MAFS star Tracey Jewel shares the story of anxiety, the condition affects two million Australians

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In the middle of the night, as his family sleeps, Ben Pobjie is overwhelmed with anxiety. He always feels powerless when he hits an attack, but it is in the first few hours that he feels more alone and desperate.

"He's terrified of something that's entirely generated in your head," says Ben to Sunday Night's Melissa Doyle. "You miss your breath, you sweat, you feel a pain in your chest, you feel things that weigh you down, you feel your throat closing, your teeth grind, your fists clench, you feel a desperate need to run away or to fight something – and not c & # 39; is nothing ".

Chevron Right Icon"In the worst case scenario, you're thinking this could literally be what kills you."

"In the worst case scenario, you're thinking this could literally be what kills you."

Anxiety is terrifying and common. It affects one in four Australians. It can strike anywhere, anytime.

And anxiety can affect anyone, even a reality television star.

Two years ago, Tracey Jewel was unknown, experiencing a stress-free suburban life. "I've always been a very resilient and very strong person," says Tracey.

Then he was married at first sight. During the night, it became a household name. Life for Tracey has changed dramatically.

"Being out of my routine and being in the public eye has certainly sparked anxiety for me," says Tracey. "It's really scary. It makes everyday life difficult. That's why I became a total recluse."

Brain overload

Catherine Madigan is a psychologist specializing in anxiety. He says that for people with this condition, the part of the brain that warns them of the danger is too stimulated leaving them in a state of constant fear.

"It can prevent people from leaving home," explains Catherine. "Even walking in their mailbox can cause them a serious panic attack. So some people have been at home for years."

"[For] some people, their amygdala is overactive. This is the part of the brain's anxiety and these thoughts get stuck. The more upset people get that this thought jumped into their heads and the more they try to push it out, into reality contributes to the persistence of thought ".

27-year-old Taylor Pulvirenti caught a panic attack on the camera while traveling for work.

Chevron Right Icon"My brain looked like it was maybe ten million different voices with different thoughts coming and going."

"I couldn't think clearly, I couldn't breathe. Then I just started hyperventilating, crying, getting very hot, getting very shaky," says Taylor. "I wish I could record what my brain was doing because my brain felt like there were maybe ten million different voices with different thoughts coming in and out. [There is no real understanding of what to listen to. It consumes you. "

Ben Pobjie's anxiety can be triggered by the smallest of things. He worries about them until they become huge and overwhelming. Experts call it catastrophic.

"They can be things like not being able to sleep. You lie there and something starts to tell you, & # 39; and if I could never sleep? And if you never felt better than that? And if this frustrated and irritated feeling lasts forever ? It can't last forever, it's ridiculous, but that's what happens. It brings you into a state of frightened panic and tells you: & # 39; This could be your life for the rest of your life, maybe you never will, never be panicked. ""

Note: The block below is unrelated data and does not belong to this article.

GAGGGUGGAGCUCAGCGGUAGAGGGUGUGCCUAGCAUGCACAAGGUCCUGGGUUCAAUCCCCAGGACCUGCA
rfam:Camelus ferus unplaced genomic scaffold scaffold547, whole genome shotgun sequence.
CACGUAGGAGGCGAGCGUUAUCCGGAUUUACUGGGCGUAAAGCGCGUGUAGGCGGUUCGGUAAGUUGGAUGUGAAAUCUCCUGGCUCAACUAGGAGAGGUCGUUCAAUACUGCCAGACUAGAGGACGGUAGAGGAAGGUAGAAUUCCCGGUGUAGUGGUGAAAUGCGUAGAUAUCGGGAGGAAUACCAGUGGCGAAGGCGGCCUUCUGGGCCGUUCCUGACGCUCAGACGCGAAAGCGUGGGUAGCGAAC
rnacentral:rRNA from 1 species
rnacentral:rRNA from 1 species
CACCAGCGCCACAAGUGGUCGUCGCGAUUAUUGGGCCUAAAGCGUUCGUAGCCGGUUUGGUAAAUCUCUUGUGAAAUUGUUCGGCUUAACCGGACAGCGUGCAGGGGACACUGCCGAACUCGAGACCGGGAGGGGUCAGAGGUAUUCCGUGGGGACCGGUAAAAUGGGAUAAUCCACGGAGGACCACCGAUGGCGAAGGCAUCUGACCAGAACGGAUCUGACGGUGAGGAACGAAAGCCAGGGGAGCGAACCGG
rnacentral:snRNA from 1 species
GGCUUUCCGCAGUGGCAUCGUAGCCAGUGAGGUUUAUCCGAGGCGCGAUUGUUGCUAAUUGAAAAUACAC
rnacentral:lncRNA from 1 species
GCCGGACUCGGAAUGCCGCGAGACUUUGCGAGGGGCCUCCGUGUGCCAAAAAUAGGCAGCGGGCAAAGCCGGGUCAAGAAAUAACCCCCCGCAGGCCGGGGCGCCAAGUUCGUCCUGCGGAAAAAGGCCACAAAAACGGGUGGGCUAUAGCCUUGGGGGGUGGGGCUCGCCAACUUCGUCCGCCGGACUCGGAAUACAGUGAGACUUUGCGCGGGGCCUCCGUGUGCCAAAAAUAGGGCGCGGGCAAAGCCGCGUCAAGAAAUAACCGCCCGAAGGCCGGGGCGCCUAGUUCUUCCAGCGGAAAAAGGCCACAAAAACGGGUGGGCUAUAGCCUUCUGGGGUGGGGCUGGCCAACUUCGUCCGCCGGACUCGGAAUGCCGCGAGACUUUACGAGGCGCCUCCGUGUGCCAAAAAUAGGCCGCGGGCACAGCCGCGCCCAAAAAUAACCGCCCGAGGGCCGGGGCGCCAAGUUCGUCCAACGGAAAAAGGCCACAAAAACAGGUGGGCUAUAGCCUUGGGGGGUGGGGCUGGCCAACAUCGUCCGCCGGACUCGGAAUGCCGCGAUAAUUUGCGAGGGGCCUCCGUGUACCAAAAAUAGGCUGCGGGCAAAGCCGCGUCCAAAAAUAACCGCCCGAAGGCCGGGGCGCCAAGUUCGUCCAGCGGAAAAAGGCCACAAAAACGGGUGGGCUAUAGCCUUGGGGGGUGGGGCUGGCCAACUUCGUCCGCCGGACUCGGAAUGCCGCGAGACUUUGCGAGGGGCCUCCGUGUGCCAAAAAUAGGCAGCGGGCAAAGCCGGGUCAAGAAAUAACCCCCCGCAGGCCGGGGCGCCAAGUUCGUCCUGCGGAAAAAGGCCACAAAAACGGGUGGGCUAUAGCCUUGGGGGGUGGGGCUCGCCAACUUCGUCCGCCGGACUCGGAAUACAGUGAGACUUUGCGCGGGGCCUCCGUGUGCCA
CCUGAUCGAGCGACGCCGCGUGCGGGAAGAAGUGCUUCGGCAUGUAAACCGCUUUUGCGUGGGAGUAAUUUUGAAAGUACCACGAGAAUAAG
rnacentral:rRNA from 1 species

More than two million Australians live with anxiety. Melissa Doyle talks to some of those brave enough to share their story.

A safe place

When Taylor feels the anxiety growing, he retires to a "safe place".

"My home is definitely my paradise," he explains. "I am lucky enough to have even more places where I feel safe. I can go to my mom's house and feel the same. I can go to my father and my uncle; I feel safe in all those places."

Ben Pobjie relies on the calm good sense of his wife Rebecca to pull him back into his darkest moments.

"She is very good at reminding me of what I know sometimes when I find it difficult to concentrate on something that is not what I feel," he says.

Rebecca tries to use common sense to calm Ben down. "I'm just trying to say: & # 39; You know it'll be fine. You know it's not important. & # 39;"

As for the reality television star Tracey Jewell, she listens to the music and meditates to block the harsh sounds that trigger her anxiety.

Chevron Right Icon"I haven't healed, but I can certainly handle it."

"I haven't healed, but I can definitely handle it," Tracey explains. "This is an important message for others."

Now he is studying mental health, hoping he can use his experiences to help others.

"I love my life. I love my family and my friends, and I refuse to ruin it."

Reporter: Melissa Doyle | Producer: Margaret Parker

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If you suffer from anxiety, there are a number of Australian support services that you can turn to for information and help. Visit This Way Up, myCompass and MindSpot for more information.

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